As a scholar of Coleridge, Barfield explores significant concepts, to both Coleridge and Barfield, such as polarity, nature, life, imagination and fancy, reason, science, God, and humanity. The active, unifying force of imagination is especially notable in contrast to the passive quality of fancy and perception.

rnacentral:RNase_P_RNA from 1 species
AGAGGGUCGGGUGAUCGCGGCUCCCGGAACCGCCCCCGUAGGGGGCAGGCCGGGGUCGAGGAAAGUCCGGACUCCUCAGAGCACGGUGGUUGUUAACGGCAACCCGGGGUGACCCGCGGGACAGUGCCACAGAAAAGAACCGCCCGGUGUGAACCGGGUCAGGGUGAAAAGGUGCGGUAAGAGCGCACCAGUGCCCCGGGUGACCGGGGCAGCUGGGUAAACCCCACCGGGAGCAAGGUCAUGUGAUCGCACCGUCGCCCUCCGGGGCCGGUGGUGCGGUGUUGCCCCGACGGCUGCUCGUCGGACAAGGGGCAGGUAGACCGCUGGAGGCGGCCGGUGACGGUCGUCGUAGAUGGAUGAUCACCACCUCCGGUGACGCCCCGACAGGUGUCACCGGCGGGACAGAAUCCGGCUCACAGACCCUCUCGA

But though it is not mysticism, to reason about thinking does entail our being led inward from the product of thinking to the act itself. And this does require a certain discipline. Here is the root-cause of the charge of ‘obscurity’, which was leveled during his life, and has so often been leveled since his death, against both Coleridge himself and his philosophy.
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